The abuser skews reality to the point that the victim thinks that it is their own fault that they are being abused. If they were better, prettier, more desirable, or skinnier, the abuse would stop. Victims go to great lengths to please their abusers, hoping that in doing so, they will finally feel the love that they felt when the relationship first began.
There is always a let down. The abuser may temporarily treat the victim better as behavior conforms to their desires, but eventually, the change will not be sufficient, and the abuse resumes. The victim adopts feelings of worthlessness, hopelessness, and helplessness, leading to further intimidation.
Warning Sign #3 - Anger
Anger is the most difficult warning sign to understand. The anger of the abuser may be directed at the victim, at the world in general, or at themselves. The victim may misunderstand, thinking that they are at fault, and that they did something wrong, however, this may not be the case.
Rather, the anger will come at unexpected times for unexpected reasons. It may be predictable, and the victim may think that he or she knows what triggered it, only to find out at another time that something else was the trigger. There may be no rhyme or reason to the anger, in fact the victim may think that in the absence of anger, that the abuser has changed, and that they are actually being accepted and valued.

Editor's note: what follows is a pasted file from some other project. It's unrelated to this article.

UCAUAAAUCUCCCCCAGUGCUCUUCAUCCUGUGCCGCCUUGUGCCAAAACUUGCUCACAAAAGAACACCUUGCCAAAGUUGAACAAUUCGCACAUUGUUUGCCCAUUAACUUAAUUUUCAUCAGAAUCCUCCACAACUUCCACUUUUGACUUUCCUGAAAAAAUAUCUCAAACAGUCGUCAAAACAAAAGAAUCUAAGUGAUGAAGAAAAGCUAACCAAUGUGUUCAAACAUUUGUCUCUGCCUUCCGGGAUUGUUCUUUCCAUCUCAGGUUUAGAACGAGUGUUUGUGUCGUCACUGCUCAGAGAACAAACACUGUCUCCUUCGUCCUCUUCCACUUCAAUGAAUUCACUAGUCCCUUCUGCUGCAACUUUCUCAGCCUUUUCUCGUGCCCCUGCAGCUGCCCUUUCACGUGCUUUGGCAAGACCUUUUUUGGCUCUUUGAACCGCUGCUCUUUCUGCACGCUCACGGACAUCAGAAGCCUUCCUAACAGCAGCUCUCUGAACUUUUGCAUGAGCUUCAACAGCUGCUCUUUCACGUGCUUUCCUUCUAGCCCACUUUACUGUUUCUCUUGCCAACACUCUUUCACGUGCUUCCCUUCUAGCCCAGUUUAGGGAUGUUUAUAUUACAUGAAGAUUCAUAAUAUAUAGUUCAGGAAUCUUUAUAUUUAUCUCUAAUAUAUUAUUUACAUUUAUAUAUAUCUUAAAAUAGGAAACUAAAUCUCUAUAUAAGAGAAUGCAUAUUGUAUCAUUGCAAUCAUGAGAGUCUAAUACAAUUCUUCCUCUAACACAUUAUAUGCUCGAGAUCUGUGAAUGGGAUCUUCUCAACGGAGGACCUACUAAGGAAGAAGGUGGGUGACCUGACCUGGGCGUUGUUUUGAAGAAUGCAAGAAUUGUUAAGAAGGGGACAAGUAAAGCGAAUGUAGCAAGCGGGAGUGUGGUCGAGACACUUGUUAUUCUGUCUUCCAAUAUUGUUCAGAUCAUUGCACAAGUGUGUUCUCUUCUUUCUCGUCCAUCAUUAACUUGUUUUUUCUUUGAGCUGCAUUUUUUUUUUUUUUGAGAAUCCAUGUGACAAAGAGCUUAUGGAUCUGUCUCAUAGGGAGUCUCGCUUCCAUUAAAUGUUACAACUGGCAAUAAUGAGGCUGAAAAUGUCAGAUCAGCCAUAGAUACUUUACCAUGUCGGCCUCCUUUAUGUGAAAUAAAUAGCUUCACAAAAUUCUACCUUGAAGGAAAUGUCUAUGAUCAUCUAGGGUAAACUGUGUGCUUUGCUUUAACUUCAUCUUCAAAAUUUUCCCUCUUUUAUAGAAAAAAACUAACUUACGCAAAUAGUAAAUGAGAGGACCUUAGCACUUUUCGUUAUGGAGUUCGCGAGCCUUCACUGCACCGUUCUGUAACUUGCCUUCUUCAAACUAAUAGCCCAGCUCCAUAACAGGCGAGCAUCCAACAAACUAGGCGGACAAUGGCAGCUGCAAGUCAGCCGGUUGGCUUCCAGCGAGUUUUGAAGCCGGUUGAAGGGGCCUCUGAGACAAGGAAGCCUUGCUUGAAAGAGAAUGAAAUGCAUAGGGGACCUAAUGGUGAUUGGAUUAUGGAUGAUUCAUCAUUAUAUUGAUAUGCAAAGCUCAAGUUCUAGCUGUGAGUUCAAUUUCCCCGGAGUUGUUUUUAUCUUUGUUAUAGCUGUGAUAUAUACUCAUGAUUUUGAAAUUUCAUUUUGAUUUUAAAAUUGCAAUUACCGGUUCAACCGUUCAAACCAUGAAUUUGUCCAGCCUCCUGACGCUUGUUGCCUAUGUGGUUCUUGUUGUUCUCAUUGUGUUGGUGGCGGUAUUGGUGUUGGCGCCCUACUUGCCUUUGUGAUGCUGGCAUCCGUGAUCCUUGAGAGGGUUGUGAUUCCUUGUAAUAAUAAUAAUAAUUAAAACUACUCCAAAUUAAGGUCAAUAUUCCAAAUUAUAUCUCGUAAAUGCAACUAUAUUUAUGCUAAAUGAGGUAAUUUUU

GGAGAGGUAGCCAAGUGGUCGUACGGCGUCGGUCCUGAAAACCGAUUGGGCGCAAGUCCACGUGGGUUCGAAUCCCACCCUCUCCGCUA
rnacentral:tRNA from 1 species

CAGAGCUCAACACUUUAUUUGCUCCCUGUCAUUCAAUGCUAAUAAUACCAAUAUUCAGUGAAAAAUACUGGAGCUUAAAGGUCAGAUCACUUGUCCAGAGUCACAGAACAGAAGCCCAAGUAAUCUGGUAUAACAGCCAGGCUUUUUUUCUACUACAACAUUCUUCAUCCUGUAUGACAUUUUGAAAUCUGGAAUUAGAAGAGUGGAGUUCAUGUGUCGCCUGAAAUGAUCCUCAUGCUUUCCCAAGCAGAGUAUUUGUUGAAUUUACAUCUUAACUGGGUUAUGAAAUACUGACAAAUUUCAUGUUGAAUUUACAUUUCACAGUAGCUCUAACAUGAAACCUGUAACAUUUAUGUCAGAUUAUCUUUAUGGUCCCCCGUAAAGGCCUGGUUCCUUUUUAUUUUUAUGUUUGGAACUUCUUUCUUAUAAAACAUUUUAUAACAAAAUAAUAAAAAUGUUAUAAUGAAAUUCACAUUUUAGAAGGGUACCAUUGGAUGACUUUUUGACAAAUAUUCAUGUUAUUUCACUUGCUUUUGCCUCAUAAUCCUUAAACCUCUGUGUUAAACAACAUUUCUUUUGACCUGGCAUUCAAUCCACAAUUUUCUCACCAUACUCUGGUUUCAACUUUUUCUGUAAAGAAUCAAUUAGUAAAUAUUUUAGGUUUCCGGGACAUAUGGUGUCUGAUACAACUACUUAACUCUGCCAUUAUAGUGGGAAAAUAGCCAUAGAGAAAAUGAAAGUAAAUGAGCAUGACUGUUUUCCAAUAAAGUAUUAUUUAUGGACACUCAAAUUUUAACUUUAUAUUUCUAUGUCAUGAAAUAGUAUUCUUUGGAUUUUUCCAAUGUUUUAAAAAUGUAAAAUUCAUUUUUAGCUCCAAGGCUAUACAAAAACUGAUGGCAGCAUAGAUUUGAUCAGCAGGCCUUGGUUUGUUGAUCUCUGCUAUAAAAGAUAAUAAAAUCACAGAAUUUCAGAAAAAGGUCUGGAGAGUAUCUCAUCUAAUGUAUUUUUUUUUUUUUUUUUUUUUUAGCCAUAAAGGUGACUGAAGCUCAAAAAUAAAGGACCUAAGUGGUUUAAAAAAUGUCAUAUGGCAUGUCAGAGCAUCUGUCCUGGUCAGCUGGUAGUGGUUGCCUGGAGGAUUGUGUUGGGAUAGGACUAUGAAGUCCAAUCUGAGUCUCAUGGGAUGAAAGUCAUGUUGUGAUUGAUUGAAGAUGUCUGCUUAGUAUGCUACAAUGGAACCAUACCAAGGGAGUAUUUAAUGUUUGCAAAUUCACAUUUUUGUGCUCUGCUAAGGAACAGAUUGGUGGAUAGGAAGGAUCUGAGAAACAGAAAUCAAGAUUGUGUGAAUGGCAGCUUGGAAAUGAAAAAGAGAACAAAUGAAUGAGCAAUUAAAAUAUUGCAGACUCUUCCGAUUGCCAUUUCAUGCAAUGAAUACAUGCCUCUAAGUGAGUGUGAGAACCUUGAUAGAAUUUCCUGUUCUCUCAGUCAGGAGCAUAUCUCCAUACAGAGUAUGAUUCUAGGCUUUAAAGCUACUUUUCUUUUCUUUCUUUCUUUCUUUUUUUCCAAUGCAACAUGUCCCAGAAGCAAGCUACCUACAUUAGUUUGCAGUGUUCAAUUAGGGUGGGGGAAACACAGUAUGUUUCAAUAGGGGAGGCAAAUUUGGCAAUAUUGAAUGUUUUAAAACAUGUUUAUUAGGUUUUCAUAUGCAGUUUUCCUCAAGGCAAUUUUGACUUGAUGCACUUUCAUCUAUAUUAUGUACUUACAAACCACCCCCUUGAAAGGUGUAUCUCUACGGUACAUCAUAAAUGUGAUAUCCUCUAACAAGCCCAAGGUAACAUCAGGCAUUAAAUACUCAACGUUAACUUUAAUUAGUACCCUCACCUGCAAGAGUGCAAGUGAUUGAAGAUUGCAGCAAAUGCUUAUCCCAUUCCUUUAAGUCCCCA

Each time the anger returns, however, all of the hurt and pain inflicted upon the victim comes back in full force. Repeated frequently enough, the victim is powerless to escape its grasp, and irreparable psychological damage is done. Symptoms of anxiety, depression, post-traumatic stress, and phobias develop.
Develop a Backup Plan
A backup plan contains several necessary components:
- Connection with someone in the outside world that is willing to help
- Access to an abuse shelter that provides physical and legal protection
- Financial resources to provide transportation to the shelter
- Professional services to deal with the aftermath of the abuse
It is not enough to just leave the situation. Those who do are highly vulnerable to retaliation by the abuser. Relocation is not sufficient to protect the victim. Even seeking court or law enforcement help is not sufficient to provide protection. Those who have been successful in leaving abuse only do so when they are able to move directly into an abuse shelter that provides both physical protection, and legal recourse against the abuser.